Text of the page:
Phil Pickin: A fragile comeback
walk‘s wildlife expert on the remarkable return of otters to our waterways…
It’s remarkable that the hunting of otters was only banned in Britain in 1978. Prior to that date, otters had not only been hunted but also suffered due to pesticides being washed into our waterways – so the relatively recent return of these endearing animals is something we should all be proud of.
Partly as a result of their reduction in numbers, and partly due to their naturally shy disposition, seeing otters hasn’t always been easy. Even now they are hardly commonplace but chances have increased. Having said this you could be lucky enough to see one or even a family if you are walking beside a river. The mere fact of seeing an otter is reason enough to celebrate but if you are lucky enough see one it’s a major indicator that the waterway in question is clean. As otters are a top predator their presence is proof that the water is clean and that their is an abundance of other wildlife.
The Environment Agency, local Wildlife Trusts and the Otter Survival Fund have all played major roles in the reintroduction of otters, but this success is tempered by both the admission that accurate numbers are still hard to come by and the fact that anglers are not always best pleased. As you can imagine the angling fraternity are none too keen on the competition and have accused otters of decimating fish stocks in fishing lakes. Proof, if it where needed, that you can’t please all the people.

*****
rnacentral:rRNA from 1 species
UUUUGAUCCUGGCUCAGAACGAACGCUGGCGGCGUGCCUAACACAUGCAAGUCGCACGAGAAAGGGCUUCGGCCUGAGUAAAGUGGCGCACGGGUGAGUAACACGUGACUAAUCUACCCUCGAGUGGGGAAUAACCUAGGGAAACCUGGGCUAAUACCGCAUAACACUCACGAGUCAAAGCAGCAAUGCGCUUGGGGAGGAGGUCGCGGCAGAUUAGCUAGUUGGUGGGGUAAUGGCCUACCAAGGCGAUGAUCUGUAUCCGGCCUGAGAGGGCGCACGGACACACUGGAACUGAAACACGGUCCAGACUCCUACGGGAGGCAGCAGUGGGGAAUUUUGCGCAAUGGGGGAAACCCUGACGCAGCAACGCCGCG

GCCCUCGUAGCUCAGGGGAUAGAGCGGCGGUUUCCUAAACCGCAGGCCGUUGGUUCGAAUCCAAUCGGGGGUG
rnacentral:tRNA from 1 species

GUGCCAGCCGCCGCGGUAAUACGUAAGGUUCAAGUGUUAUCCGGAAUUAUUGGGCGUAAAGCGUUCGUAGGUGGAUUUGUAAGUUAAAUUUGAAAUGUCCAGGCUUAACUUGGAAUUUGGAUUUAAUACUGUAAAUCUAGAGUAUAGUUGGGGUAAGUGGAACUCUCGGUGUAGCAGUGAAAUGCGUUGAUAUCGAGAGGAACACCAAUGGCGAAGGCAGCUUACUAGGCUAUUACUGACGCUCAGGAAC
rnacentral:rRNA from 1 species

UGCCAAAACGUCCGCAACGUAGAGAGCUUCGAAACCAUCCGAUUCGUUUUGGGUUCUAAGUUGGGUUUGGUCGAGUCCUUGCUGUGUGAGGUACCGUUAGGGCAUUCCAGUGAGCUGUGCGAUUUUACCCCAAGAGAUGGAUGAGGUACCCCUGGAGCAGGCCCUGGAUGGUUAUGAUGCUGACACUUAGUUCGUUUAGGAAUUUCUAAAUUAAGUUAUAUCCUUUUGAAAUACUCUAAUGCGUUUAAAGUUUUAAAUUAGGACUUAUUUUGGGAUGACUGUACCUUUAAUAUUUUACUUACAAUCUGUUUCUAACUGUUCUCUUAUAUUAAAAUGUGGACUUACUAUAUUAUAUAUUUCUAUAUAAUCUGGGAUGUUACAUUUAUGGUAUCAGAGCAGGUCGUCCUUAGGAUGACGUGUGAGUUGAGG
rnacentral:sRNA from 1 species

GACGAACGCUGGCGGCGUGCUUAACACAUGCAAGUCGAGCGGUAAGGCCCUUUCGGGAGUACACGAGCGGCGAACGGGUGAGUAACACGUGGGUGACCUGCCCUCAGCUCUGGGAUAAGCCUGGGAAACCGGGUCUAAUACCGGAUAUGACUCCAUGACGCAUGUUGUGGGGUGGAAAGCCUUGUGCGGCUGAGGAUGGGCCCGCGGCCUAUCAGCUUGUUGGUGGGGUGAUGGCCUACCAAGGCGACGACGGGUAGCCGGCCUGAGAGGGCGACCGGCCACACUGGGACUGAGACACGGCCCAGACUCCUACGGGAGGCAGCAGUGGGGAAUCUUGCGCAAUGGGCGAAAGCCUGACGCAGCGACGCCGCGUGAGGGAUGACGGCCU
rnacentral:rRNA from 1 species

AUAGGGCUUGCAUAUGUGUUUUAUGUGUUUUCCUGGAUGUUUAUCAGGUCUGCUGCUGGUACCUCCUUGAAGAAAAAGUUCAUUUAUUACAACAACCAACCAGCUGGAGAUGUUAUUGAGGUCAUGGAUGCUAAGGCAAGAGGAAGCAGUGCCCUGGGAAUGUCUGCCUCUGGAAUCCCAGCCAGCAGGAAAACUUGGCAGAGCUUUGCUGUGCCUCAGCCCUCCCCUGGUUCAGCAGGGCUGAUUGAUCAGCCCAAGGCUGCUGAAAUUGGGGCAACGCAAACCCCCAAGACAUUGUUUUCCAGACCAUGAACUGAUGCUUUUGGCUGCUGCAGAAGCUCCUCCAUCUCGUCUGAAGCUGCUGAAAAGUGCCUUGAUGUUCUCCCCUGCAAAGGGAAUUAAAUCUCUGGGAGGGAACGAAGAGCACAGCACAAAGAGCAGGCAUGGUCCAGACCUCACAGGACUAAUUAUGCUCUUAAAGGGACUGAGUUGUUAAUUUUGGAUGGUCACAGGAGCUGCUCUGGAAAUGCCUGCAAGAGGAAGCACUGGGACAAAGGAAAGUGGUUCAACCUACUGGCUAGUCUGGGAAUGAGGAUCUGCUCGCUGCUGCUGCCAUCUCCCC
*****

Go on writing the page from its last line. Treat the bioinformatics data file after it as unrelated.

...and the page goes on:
Despite all of the positive news around the successful return of this member of the weasel family, there is a note of caution. This has nothing to do with the direct intervention of man. The increase in numbers could be put in jeopardy due to the this years drought conditions. With water levels being at an all time low, and drought conditions being acknowledged in most parts of the UK, dry rivers are not ideal habitat for otters. Reduced oxygen levels in slow running or static rivers could also have an impact on fish stocks which may have a knock on effect on otter numbers. It’s too early to know if, or to what extent, these factors will have an impact on the otter but, once again, otters could be facing challenges.
Whatever the future has holds in store for these wonderful creatures, seeing one is still a thrill for most people, be they in rivers or at the coast. I, for one, hope that they continue to thrive and provide us with an entertaining indicator that the quality of our waterways continues to improve.